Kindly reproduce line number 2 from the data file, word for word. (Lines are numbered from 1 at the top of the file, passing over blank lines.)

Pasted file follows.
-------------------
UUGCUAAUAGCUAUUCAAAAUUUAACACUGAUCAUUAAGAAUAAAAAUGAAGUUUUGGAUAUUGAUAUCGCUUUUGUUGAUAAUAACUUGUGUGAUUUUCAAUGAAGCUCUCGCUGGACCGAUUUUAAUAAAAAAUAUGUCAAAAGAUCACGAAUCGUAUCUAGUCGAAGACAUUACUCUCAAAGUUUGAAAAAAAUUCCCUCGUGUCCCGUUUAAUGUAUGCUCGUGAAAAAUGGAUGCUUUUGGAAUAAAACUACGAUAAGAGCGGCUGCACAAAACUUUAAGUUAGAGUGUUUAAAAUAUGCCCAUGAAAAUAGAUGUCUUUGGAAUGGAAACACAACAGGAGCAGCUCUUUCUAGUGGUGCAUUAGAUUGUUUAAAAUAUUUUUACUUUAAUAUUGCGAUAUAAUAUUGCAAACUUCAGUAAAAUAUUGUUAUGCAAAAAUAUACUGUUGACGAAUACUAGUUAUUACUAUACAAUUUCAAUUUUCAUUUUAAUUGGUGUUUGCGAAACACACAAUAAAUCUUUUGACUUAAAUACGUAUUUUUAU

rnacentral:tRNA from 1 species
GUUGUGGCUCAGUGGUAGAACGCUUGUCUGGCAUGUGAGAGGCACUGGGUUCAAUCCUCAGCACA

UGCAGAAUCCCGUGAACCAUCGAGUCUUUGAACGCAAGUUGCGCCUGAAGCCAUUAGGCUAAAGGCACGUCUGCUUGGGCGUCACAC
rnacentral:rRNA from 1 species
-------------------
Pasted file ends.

rnacentral:tRNA from 1 species